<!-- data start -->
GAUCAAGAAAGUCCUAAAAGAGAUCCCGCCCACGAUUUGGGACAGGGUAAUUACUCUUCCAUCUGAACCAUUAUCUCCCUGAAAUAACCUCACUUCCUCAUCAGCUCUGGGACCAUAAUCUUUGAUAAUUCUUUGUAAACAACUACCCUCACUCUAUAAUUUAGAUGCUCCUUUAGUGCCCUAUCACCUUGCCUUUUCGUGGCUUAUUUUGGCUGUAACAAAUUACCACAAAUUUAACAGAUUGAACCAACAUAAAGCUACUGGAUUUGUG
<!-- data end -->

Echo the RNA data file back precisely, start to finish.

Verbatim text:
GAUCAAGAAAGUCCUAAAAGAGAUCCCGCCCACGAUUUGGGACAGGGUAAUUACUCUUCCAUCUGAACCAUUAUCUCCCUGAAAUAACCUCACUUCCUCAUCAGCUCUGGGACCAUAAUCUUUGAUAAUUCUUUGUAAACAACUACCCUCACUCUAUAAUUUAGAUGCUCCUUUAGUGCCCUAUCACCUUGCCUUUUCGUGGCUUAUUUUGGCUGUAACAAAUUACCACAAAUUUAACAGAUUGAACCAACAUAAAGCUACUGGAUUUGUG